With stretching done we moved on to warm-ups—which I always just assumed was what stretching was—where we did awkward crab walking lunges, some drills where we ran in place, and a drill where we threw a medicine ball against a wall.

The medicine ball exercise was probably the most difficult activity I had done since my slimmer, more athletic college days.

We had to throw a three pound medicine ball from our hip to the wall and catch it all without moving our upper body and core much—something that is difficult when your upper body and core consist mostly of years of drinking coke and eating fast food.

After ten reps on each side I was already gaining a new respect for those in NASCAR . The exercise is supposed to help strengthen the core of a driver so they can spend two to four hours in the car, and so their pit crew can perform tasks like changing tires in rapid fashion.

The main part of our workout consisted of circuits that included lunges while holding a dumbbell, pulls and body workouts, and doing something similar to push ups on a machine that vibrates.

(To borrow a line from the Simpsons, I’m sure many of the people watching this part of the workout were staring at me thinking “the giggling, it’s hypnotic”).

Midway through our second circuit, I was spent. My pulse was racing faster than Robin Williams’ during one of his ’80s coke-fueled rants, and I was sweating more than a NFL offensive lineman in a sana.

As I recovered from the temporary blindness that had occurred during my second round of vibrating pushups, representatives from EAS talked to us about the importance of nutrition. They gave us a Myoplex drink, reminding us that NASCAR athletes not only have to workout, but have to have a well-crafted plan to fuel their bodies.

I couldn’t tell you exactly how the thing tasted, at that point I was so thirsty I would have chugged the used motor oil from Jeff Gordon’s number 24 car (see, I know something about the Sprint Cup), but they assured me it tastes good.

Then came the part of the day that I had beaten my body up and made a fool of myself for. A few minutes to talk with Larry Fitzgerald .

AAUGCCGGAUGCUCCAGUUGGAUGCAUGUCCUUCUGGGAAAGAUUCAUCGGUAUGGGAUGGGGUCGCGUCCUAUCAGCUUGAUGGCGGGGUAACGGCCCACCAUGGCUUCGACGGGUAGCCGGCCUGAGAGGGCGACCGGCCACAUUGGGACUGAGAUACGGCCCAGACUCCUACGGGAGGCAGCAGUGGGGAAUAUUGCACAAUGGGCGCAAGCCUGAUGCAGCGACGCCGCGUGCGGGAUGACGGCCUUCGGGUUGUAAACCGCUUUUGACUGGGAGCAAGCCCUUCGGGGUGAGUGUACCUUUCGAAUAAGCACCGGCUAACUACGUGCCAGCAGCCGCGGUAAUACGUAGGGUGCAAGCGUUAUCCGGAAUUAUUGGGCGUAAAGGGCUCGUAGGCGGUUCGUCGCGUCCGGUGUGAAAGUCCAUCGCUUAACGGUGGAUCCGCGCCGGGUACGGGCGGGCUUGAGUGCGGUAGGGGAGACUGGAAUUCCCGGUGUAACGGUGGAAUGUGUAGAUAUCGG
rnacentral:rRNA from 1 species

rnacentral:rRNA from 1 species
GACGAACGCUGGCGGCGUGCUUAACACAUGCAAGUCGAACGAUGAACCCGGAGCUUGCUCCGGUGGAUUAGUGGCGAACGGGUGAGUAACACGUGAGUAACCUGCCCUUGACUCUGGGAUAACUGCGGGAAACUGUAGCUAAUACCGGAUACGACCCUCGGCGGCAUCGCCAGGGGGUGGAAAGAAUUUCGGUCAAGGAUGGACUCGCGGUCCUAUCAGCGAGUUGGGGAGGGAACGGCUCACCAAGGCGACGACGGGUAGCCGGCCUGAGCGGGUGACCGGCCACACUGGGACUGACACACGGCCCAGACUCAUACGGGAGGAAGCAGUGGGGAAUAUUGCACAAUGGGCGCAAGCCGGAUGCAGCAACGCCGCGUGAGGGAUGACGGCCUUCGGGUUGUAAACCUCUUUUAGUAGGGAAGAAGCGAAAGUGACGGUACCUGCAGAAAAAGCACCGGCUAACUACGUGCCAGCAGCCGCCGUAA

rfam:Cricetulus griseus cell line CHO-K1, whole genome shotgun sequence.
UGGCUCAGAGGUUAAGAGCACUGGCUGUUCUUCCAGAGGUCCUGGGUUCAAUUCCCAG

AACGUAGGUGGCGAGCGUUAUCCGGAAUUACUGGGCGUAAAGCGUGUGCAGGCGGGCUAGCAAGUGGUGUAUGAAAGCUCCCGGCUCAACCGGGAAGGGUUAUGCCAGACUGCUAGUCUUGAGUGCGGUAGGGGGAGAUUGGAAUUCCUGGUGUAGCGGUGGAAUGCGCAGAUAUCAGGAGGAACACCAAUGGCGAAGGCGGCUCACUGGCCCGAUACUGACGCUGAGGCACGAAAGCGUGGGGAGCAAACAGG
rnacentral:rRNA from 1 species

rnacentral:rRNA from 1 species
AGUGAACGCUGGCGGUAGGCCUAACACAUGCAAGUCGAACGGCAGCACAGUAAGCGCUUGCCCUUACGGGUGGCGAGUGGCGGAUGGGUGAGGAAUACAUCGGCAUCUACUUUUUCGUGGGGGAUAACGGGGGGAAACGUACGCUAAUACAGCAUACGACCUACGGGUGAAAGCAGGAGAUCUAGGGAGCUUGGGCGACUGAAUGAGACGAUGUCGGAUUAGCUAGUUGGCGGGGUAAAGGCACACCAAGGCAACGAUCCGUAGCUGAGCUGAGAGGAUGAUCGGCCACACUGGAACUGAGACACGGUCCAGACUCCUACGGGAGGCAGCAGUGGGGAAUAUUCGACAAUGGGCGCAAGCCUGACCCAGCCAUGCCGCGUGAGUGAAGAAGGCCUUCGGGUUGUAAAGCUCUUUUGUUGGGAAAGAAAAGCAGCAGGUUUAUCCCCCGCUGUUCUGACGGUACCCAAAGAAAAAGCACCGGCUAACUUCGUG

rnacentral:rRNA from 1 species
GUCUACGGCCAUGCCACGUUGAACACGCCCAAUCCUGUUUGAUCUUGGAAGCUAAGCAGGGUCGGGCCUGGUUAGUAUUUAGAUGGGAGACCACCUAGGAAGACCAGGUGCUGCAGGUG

Larry summed up the day in one quote.

“To be an elite athlete, I don’t care what your job is, if you’re a NASCAR driver, in football, in basketball, golf, you have to be in peak physical condition. They might not be running, but sitting in a car going 200 mph for 500 laps, you have to be mentally and physically strong and well-hydrated.

There’s training that has to be done to be elite at anything.”

Arguably the best receiver in the NFL was willing to put NASCAR drivers in the same athletic class as himself and other professional athletes, yet somehow this overweight 26-year-old writer had always assumed they were just normal guys that didn’t have to do much more than fasten their seat belt and turn left.

Needless to say, my viewpoint had officially changed by the end of the afternoon. Especially when I found out the workout was supposed to last an additional 20 minutes and include numerous human-powered treadmill activities, which were canceled because of my body’s lack of ability to stand, let alone run.

The training NASCAR drivers go through is rigorous, and the dietary regimen and restrictions they have to follow to keep them in shape and hydrated truly makes them athletes.

Participating in the workout also proved something to me. If I want to make fun of a “sport,” I should probably stick to bowling. Even I can sit in a seat, eat nachos, drink beer, and roll a ball. Then again, I should probably watch what I say. I wouldn’t want to get an invitation to a PBA Workout in my email box and have to fail at that too.